Elsevier BV, North-Holland
Faculty of Business and Law
School of Accounting, Finance and Economics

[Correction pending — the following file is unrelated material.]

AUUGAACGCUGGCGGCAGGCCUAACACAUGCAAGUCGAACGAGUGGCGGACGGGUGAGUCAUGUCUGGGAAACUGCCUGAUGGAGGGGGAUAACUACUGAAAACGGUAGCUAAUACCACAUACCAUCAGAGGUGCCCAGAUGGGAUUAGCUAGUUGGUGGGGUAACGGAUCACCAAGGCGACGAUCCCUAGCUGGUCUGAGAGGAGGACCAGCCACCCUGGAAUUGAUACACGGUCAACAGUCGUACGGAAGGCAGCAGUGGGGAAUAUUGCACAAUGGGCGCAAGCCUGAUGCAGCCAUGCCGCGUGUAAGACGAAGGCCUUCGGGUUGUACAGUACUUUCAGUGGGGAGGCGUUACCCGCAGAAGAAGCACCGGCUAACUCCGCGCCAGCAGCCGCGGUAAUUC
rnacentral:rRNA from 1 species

In the tourism demand literature, much of the research focuses on income and price variables as demand determinants for travel. Nevertheless, the literature has neglected other possible indicators such as consumers’ perceptions of the future course of the economy, household debt and the number of hours worked in paid jobs. In fact, several studies found that these indicators could influence consumers in making decisions to travel. In this paper, we examine whether there are other indicators that can influence future Australian domestic tourism demand. The econometric model used in this study is a panel three-stage least squares (3SLS) model. Using the data on Australian domestic tourism demand, the empirical results reveal several points: first, it is found that the consumer sentiment index has significant impacts on VFR, but not on holiday tourism. Furthermore, the business confidence index has no influence on business tourism demand. The study also finds that an increase in household debt could encourage more Australians to travel domestically, indicating that Australians may consider increasing debt as their confidence to spend increases. Lastly, working hours have a statistically significant effect in the case of holiday tourism data.